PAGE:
Hopefully experts can weigh in on how many bulls of this type you can expect to find during a hunt. Or in a lifetime of hunting.
I would be very interested to know the answer to this too.
 
Was this shot as an exportable trophy bull or an own use buffalo?
 
A wonderful old bull to remove from the population. Congratulations to the hunter for taking the exact type of trophy he was looking for!

I keep hearing people talk about only taking post breeding 12-year-old plus bulls to help with conservation and herd vitality. I can see this improving Trophy quality genetically, but I find it hard to believe that the quotas are high enough that filling an entire concessions quota with soft-bulls or breeding age bulls would affect the Buffalo population or calf recruitment through breeding in any way. Only age class and possibly trophy potential.
What am I missing? Is there a biological reason otherwise?

We see this all the time in the US with elk populations. Extremely limiting quotas creates better trophies by allowing the age class to improve. But even in areas with high quota or OTC tags it doesn’t affect calf recruitment. it’s just younger bulls doing the breeding. Say 3-5 year olds instead of 6-10 year olds.

Another good example would be in Utah’s trophy bull elk units. Extremely limited quota for branch antler bulls. Keeping the age class high and creating better trophy potential. But they found the bull ratios were getting too high, so they have a very high quota of spike only bull tags (yearling bulls). Only way Utah could manage the bull population while keeping age class and trophy potential where they want it in those units.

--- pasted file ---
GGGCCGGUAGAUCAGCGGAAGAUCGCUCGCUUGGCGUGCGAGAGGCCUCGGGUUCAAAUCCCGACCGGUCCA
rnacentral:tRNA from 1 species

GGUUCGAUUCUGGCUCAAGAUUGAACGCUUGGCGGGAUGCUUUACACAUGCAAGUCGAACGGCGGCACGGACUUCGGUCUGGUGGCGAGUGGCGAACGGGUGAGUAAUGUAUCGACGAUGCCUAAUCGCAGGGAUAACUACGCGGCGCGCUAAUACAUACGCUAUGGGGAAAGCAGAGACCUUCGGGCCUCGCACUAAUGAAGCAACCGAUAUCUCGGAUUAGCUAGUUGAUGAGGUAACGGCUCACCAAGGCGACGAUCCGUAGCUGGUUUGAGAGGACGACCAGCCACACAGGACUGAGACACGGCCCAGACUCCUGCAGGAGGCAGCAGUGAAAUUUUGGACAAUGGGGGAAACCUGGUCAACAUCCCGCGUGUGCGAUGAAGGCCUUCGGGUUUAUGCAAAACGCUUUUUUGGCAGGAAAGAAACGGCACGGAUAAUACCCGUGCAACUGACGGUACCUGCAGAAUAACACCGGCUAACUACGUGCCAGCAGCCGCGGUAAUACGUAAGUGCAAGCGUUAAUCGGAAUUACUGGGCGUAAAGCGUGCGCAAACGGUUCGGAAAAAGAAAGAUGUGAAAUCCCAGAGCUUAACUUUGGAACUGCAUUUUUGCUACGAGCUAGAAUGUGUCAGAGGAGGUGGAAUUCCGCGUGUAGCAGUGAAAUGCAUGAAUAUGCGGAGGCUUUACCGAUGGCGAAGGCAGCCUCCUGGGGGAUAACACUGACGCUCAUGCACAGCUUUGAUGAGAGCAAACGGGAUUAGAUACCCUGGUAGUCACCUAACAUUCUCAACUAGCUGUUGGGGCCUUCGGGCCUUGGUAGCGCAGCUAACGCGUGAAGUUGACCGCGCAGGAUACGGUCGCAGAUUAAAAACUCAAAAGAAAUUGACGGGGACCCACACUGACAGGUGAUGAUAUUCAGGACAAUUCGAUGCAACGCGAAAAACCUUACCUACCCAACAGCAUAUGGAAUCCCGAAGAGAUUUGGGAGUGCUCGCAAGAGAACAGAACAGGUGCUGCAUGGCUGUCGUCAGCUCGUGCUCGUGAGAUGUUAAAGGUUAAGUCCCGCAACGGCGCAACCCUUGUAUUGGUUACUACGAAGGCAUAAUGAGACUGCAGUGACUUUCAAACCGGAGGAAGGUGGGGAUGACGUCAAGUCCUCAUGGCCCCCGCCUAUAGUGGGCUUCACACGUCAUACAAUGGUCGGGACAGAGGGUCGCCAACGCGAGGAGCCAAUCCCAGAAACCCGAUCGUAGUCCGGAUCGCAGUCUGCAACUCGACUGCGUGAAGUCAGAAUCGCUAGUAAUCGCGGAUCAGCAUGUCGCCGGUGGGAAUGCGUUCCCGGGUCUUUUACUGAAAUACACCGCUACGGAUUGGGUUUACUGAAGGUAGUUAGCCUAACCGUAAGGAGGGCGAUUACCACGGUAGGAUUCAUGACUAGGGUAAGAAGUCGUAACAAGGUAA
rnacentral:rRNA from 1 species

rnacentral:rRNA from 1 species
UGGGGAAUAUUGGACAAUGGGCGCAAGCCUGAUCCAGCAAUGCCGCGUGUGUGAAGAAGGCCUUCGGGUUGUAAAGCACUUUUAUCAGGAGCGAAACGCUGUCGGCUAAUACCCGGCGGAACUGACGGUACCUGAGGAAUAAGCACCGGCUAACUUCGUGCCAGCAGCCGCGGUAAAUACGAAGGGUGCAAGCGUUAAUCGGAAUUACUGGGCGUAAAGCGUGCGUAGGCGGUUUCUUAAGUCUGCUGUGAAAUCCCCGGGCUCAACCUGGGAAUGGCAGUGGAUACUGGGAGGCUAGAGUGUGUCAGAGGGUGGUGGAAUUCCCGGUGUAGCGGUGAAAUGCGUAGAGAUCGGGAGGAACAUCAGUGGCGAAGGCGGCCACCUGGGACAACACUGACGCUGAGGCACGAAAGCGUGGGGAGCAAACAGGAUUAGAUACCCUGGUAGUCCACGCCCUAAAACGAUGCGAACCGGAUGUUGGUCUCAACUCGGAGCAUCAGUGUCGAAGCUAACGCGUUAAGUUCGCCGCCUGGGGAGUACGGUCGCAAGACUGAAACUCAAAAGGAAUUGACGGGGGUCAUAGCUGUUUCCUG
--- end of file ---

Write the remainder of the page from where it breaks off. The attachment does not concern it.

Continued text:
Is there an age that Buffalo Bulls reach their maximum spread? Will a bull that is 37” wide at 6 years old have the potential to be a 43” bull at 9/10 years old?

As a follow-up to the above question. What is the width cut off, and at what age to decide if those genetics should be kept in the herd or not?
Example 40” at 7 years old. Anything below 40” at 7 years old would be considered non desirable genetically? (Just throwing out random numbers)

I am all for any hunter taking whatever animal floats their boat as long as it’s legal, and sustainable.

I’m probably the lone voice of descent, but the only way I’d shoot an old worn down or scrum cap bull would be on the final day of my Hunt. Or as a second Buffalo with a heavy discount for non-trophy/management status. Absolutely nothing wrong with them, just doesn’t float my boat.

Chase
 
I think I've seen that video. I've been told that European hunters have long coveted the beat up buffalo bulls, whereas North Americans have been hooked on length and drop to the point of preferring soft boss young bulls which are actually best left for herd vitality. Good to see attitudes reversing on this side of the pond.

It's true, but on average a buffalo hunting often only go on a maximum of 10 days, so you should not be too picky when it comes to the buffalo trophy. I also prefer old beat up buffaloes, but the first buffalo that roughly fits will be shot. I have already experienced situations where one saw a lot of buffalos in the first days, could not decide which one to choose and in the days after that, there were nothing more. I myself also already returned home without a buffalo, what can happen if you hunt often and in the so-called open areas. Things certainly look different when hunting in areas with heavy managed buffalos herds.
 
Wow, character!!! I won’t weight in on the discussion of what a hunter should do (because I’m of two minds), but this one would always bring a smile every time I looked at it.
 
And this just makes it even better. Connected on a few beautiful tigers
IMG_0640.jpeg
IMG_0639.jpeg
 

Forum statistics

Threads
55,772
Messages
1,187,702
Members
97,336
Latest member
xinwuding01
 

 

 

Latest posts

 
Top